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Posts tagged as “Dawn and Curtis Emel”


By Anne Marie Swan

Just north of Salida, Dawn and Curtis Emel are living their childhood dream of creating an animal sanctuary. No exotic animals here. No lions or tigers or giraffes to admire from a distance. Instead, Pearl’s Sunrize Sanctuary is closer to a petting zoo for 12 birds, four dogs, 23 cats, two sugar gliders, two ferrets and more, in and around their 800-square-foot cabin.

“We provide a forever home,” Dawn Emel said. “They’re here with us for life. I told Curtis, we may have to get rid of the kitchen table.”

I open the cabin door to a delightful cacophony. A parrot catcalls me when I step in, and silky gray cats weave between my ankles. This sanctuary is a little hectic, a little zany. Dawn hands me a sugar glider, Icarus, with soulful, brown-marble eyes. Icarus climbs my arm, tickling me, and I’m instantly charmed. I transcend time while playing with this sugar glider. I seem to have left my worries and hectic schedule outside the cabin door. Pearl’s Sunrize Sanctuary is a light, happy fun house full of animals to love up.

“It’s like having tons of two-year-olds,” Dawn said. “We’re constantly cleaning up after them. We love it. We wouldn’t trade it for the world.”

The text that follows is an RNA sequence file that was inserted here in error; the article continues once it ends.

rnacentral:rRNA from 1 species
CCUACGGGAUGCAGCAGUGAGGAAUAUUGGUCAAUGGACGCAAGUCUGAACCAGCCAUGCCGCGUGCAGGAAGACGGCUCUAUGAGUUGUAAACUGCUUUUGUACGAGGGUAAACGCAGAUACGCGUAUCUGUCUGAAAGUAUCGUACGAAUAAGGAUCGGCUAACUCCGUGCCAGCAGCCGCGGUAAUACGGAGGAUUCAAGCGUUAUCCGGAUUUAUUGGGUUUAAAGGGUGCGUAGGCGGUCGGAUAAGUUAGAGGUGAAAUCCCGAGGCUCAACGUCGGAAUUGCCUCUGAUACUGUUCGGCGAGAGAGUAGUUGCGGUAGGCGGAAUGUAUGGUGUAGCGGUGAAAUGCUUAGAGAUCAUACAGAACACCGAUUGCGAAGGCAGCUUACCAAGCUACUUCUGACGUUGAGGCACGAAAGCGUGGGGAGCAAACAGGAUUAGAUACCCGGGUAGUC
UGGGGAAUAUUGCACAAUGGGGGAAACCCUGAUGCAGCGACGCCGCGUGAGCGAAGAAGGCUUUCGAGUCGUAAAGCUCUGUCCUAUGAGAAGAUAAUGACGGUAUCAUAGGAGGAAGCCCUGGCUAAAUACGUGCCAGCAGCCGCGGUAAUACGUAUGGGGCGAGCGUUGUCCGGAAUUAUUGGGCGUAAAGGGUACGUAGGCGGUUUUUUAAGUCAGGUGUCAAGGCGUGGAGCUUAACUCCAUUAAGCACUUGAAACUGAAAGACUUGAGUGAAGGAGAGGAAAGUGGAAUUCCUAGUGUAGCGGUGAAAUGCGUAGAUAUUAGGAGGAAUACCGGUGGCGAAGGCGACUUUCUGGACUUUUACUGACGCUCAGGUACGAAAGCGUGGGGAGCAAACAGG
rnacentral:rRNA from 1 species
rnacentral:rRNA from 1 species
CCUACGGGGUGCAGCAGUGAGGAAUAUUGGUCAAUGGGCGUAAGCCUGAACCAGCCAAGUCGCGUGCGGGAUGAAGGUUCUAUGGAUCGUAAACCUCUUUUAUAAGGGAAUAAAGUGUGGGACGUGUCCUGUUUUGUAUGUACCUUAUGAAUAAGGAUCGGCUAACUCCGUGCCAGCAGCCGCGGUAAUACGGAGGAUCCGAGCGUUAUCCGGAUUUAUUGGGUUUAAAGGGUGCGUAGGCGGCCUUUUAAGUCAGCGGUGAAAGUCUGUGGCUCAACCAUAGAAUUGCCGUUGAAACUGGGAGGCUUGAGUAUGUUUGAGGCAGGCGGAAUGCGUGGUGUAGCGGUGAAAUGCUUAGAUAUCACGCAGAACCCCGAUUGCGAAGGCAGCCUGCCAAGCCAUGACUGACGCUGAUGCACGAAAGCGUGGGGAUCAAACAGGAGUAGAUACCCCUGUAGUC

Fourteen cages and two enclosures house the critters, and this is just inside. The Emels’ birds include a Green-winged macaw, an African Gray parrot, a Black-and-gold macaw, an African Ringneck parrot and a family of cockatiels that weren’t fed properly and, generally, ignored. All are thriving at Pearl’s Sunrize Sanctuary. It’s common to hear an expert rendition of R2D2 from “Star Wars” and meows and submarine sounds and thank yous around the room.

The Emels were quite a sight on the road when they hauled most of their rescued animals from southern Oregon, outside Klamath Falls, to Salida. When their car broke down in the Nevada desert, the birds made the most of it by singing French music by Pierre Felere in the moonlight.

Sadly, the Emels lost their favorite pet, a Goffin cockatoo named Pearl, and the sanctuary’s namesake, on the trip. “Pearl would have been the ambassador,” Dawn said.